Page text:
WERNER, SIEGMUND (1867–1928), one of Herzl's early aides and editor of Die Welt. Born in Vienna, Werner completed his studies in medicine in 1896. In his student days he was a member of national-Jewish and Zionist societies, and when Herzl came upon the scene, Werner became one of his devoted assistants. In 1897, he succeeded the first editor of Die Welt, Saul *Landau, retaining the appointment until the middle of 1899 and reassuming the editorship for the period 1903–05. His leading articles, as well as the general policy of the paper, conformed to Herzl's views; during the *Uganda Scheme controversy, he accorded both sides equal treatment, a policy which also coincided with Herzl's wishes. He was at Herzl's side when Herzl died and wrote a gripping description of this experience in Die Welt. Werner continued as editor until the paper was moved in 1905 to Cologne, which became the seat of Zionist headquarters. Later he moved to Iglau, Moravia, where he took up the practice of dentistry, while continuing his Zionist activities. He was the author of a book of verse (1903). Werner's exchange of letters with Herzl was published by Joseph Fraenkel in Dr. Siegmund Werner, ein Mitarbeiter Herzls (1939); his correspondence with Nathan *Birnbaum was published in Shivat Ẓiyyon, 2–3, pp. 275–299.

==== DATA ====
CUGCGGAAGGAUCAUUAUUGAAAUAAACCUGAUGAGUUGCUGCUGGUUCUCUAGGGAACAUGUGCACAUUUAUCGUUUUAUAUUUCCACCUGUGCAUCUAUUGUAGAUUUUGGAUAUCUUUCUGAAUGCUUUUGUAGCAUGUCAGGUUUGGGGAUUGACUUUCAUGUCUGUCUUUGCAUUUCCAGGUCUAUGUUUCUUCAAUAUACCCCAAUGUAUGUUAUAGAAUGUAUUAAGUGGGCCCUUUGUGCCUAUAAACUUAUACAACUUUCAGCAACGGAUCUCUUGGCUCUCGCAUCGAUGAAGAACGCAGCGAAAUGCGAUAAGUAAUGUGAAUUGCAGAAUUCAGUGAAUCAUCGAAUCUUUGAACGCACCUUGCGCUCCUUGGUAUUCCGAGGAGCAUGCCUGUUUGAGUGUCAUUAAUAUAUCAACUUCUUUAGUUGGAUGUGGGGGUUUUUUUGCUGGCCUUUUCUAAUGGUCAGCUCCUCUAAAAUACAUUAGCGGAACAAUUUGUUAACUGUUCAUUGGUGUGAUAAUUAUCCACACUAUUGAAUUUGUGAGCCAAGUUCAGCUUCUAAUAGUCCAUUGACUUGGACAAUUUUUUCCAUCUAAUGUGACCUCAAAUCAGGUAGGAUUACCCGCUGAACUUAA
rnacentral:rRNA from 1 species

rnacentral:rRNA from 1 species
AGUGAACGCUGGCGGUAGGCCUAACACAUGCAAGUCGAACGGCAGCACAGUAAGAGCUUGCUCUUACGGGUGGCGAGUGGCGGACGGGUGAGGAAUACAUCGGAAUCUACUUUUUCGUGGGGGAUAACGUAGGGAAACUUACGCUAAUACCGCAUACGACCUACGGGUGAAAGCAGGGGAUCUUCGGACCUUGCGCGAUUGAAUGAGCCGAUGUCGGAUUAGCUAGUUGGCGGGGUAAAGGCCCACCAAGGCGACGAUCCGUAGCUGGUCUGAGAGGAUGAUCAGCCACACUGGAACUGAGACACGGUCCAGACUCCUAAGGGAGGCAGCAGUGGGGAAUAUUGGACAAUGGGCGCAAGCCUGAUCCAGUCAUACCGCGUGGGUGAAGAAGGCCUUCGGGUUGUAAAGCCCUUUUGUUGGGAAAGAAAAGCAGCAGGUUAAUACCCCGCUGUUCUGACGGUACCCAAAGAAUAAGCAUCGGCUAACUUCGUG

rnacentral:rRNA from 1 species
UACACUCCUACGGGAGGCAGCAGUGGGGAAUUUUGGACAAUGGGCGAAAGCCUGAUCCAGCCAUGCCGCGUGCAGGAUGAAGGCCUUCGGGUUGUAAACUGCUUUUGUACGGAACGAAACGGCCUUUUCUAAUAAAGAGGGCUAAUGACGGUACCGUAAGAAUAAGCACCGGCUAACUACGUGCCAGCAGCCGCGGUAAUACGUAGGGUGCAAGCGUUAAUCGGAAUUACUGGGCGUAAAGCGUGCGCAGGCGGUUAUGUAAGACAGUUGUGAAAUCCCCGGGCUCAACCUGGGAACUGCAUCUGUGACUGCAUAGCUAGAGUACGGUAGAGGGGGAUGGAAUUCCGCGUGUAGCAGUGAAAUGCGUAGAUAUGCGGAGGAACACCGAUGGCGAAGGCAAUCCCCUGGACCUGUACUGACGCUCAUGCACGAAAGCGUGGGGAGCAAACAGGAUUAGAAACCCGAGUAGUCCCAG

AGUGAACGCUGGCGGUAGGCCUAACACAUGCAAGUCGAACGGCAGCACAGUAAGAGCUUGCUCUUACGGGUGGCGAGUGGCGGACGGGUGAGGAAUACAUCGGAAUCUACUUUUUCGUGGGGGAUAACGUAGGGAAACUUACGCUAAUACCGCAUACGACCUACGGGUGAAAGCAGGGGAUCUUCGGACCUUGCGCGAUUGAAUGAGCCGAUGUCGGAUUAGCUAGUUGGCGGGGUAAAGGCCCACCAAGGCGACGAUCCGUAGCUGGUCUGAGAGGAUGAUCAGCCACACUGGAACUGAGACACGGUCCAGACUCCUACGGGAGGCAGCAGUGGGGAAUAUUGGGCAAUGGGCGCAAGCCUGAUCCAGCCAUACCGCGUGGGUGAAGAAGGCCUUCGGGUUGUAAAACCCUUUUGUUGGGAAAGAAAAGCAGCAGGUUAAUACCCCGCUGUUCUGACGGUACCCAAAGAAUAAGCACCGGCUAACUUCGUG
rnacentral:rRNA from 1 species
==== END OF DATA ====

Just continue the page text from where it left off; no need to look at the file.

Y. Lamm, in: H. Gold (ed.), Die Juden und Judengemeinden Maehrens (1929), 249–50.
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